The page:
Online Professional Learning and
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21st Century Community Learning Centers

Farm to School

Y4Y recently chatted with Renee Starr, the Community Schools Manager with Brooklyn Center Community Schools in urban Minnesota, and Megan Grubb, the Farm to School Coordinator. They shared a bit about their small district’s popular and beneficial farm to school programming that impacts both the school day and out-of-school time. [Podcast]

Y4Y: Ms. Starr, tell us a little about your district and its student composition.

RS: Brooklyn Center is a first-ring suburb of Minneapolis and a really diverse city with a large immigrant population. Students of color make up over 90% of our student body. Also, around 85% of our families qualify for free or reduced lunch. Systemic racism and poverty have long created barriers for our community and our mission is to become a justice-centered school community that fuels the unique genius of each student.

Y4Y: As an under-resourced community, can you tell us a little about the grant you secured from the U.S. Department of Agriculture (USDA)?

RS: Our district was awarded the USDA Farm to School grant and we are super lucky to have a fantastic, part-time Farm to School Coordinator, Megan Grubb, on staff. I’ll let Megan describe her role.

MG: There are two main parts of my job — the first part is working with our nutrition services team to ensure our students have access to fresh and local foods in the cafeteria and that kids are able to explore the world through nutrition and food, and the second part is to work on curriculum and programming with school-day and after-school staff, as well as community partners, so our students have hands-on opportunities in the school gardens. It’s been a wonderful opportunity for our urban school.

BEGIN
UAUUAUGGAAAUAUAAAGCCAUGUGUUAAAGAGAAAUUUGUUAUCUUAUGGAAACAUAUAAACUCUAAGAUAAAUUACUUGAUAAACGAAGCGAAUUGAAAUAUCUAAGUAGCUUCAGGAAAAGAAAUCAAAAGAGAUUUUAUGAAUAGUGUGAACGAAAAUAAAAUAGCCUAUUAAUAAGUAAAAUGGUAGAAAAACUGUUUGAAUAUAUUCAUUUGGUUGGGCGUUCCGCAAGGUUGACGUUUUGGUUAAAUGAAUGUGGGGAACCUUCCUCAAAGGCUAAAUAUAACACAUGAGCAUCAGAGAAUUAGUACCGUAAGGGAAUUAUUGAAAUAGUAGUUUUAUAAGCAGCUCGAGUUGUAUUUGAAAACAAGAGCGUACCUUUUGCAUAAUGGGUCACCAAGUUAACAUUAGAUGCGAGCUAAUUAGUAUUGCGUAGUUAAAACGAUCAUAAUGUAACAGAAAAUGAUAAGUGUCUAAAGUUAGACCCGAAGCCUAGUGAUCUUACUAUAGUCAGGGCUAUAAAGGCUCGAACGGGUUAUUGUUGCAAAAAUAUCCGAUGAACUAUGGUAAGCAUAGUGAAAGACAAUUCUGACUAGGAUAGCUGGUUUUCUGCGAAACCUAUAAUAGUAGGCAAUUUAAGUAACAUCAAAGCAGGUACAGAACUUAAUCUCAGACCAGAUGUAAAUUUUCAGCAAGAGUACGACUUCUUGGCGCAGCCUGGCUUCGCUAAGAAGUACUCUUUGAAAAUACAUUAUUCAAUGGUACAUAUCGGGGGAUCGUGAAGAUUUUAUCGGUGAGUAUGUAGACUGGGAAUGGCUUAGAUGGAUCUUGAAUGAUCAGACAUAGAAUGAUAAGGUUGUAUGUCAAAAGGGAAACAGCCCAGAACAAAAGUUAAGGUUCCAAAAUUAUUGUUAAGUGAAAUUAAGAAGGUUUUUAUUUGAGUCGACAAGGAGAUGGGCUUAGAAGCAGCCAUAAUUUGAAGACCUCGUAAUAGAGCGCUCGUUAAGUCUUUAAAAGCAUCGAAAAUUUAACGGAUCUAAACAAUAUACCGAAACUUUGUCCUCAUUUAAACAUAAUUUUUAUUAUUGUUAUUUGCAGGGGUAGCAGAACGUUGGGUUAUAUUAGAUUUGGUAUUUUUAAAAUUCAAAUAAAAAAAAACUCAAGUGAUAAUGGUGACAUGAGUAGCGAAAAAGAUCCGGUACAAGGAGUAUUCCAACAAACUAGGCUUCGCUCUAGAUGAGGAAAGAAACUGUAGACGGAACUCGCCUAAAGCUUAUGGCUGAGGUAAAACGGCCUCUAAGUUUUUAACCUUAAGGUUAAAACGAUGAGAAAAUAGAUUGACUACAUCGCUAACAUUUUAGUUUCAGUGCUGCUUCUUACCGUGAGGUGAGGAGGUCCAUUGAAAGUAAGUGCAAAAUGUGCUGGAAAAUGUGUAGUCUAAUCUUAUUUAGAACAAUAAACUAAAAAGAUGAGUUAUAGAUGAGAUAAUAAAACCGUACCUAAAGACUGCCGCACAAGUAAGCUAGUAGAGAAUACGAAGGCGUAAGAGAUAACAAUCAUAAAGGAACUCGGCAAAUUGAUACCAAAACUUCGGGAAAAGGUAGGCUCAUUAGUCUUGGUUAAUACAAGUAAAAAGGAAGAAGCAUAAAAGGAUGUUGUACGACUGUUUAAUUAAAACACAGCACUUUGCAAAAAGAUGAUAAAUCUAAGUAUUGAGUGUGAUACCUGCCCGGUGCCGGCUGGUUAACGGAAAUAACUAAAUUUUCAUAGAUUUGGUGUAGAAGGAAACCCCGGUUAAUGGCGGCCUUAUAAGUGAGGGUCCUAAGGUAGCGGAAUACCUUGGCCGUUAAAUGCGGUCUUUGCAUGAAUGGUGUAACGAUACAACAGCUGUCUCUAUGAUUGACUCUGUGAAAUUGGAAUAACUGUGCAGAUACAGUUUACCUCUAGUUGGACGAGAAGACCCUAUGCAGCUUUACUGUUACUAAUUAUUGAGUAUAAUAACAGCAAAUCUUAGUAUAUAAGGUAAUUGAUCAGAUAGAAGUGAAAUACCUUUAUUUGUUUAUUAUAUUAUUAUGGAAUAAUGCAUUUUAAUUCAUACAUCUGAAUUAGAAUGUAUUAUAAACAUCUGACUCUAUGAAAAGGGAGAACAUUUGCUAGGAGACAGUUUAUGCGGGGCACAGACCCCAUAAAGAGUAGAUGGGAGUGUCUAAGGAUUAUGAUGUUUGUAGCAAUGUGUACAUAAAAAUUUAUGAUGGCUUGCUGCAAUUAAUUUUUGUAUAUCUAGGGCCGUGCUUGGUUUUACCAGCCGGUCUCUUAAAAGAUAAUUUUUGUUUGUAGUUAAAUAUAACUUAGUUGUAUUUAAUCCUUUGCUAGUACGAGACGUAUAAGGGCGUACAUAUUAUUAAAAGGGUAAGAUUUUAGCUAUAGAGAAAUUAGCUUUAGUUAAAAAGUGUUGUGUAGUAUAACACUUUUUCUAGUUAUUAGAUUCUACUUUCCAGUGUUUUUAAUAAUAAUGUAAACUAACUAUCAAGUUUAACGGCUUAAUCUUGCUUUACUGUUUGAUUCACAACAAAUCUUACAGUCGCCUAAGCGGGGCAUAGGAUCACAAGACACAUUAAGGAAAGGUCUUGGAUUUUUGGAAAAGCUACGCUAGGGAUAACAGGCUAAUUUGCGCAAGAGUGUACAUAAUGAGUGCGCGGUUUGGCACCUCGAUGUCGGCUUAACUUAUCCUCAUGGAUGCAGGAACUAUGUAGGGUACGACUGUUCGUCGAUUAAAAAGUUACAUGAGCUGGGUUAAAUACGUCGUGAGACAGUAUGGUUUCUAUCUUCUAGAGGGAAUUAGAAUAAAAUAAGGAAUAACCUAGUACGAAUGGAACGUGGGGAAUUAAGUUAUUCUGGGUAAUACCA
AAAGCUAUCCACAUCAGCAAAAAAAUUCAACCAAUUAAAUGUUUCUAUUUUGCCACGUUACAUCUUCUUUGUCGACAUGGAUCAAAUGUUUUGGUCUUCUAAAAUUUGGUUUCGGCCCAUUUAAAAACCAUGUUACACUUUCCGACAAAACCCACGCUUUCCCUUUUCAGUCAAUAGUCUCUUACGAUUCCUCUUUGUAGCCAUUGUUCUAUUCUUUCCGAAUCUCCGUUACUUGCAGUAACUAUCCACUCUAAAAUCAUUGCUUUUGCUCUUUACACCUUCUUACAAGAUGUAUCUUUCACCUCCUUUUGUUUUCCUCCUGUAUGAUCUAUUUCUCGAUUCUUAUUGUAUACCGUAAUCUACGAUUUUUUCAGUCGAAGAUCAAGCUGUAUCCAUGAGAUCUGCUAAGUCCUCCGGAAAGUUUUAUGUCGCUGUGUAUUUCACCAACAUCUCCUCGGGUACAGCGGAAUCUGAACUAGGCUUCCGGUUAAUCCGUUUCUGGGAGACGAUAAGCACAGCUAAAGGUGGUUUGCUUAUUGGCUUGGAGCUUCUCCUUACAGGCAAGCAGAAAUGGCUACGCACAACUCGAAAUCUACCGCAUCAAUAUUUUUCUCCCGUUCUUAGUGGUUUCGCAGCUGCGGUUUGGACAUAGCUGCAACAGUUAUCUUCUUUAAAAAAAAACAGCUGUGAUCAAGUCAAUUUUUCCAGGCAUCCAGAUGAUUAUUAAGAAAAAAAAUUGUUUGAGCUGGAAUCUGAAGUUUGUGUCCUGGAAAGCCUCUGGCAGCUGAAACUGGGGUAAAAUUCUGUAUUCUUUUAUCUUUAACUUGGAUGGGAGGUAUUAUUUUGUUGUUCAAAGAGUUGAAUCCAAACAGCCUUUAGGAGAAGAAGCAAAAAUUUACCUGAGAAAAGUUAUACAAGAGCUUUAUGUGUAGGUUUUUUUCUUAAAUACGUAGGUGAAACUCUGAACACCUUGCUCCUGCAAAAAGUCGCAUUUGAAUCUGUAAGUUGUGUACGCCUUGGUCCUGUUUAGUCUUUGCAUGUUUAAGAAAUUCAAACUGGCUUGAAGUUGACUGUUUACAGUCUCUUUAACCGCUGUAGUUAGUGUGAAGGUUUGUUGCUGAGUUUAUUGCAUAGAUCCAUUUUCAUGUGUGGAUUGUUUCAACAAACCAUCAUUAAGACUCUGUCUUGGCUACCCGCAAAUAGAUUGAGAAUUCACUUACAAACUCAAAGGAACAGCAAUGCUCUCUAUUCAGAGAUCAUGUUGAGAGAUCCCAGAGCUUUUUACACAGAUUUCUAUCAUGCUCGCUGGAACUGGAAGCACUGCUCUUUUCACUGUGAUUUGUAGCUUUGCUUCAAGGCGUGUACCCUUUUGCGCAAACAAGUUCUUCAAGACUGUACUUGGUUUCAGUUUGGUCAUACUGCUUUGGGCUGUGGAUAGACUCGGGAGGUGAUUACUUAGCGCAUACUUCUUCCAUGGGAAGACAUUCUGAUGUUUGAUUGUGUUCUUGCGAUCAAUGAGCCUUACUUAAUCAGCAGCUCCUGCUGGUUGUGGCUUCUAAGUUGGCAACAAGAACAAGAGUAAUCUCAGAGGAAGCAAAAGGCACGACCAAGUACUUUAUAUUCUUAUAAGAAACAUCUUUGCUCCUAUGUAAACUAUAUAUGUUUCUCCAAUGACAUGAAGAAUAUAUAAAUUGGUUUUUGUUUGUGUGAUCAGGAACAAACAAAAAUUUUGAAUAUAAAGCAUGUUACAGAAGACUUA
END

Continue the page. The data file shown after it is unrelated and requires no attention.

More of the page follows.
Y4Y: Our listeners might be interested in learning how you’ve been able to braid USDA funds with your 21st CCLC grant for family and community engagement activities, and what those activities look like.

RS: Our district often braids 21st CCLC funds with other streams, including USDA dollars, to support educational programs and events for families and community, such as STEAM nights, cultural celebrations and more. Megan, do you want to talk about something you’ve offered at an event in the past?

MG: Sure! One fun thing we’ve done is taste tests. I try to add something unique, such as fermented foods, to the event menu and then I provide a little education on the item.

Y4Y: Can you tell us a little about the out-of-school time STEAM and other activities that have been included, thanks to your farm to school programming, and how they’ve been received by students?

MG: Yes, we’ve definitely got a lot to share here! I’ve supported various 21st CCLC clubs after school, including a BC (for Brooklyn Center) Leadership Council. This group of high schoolers has shown an interest in nutrition and wellness and started a team Instagram account to highlight awesome Farm to School and nutrition services initiatives in our district. I’ve also run garden clubs after school and in the summer where kids get their hands in the dirt while they learn. I really like to partner with our STEAM coordinators to plan for outdoor experiences about biology, insects and wildlife, and more. Lastly, one of the coolest things we’ve done was coordinate the planting of a small orchard at our elementary school — students helped me plant trees that will bear fruit they can one day eat.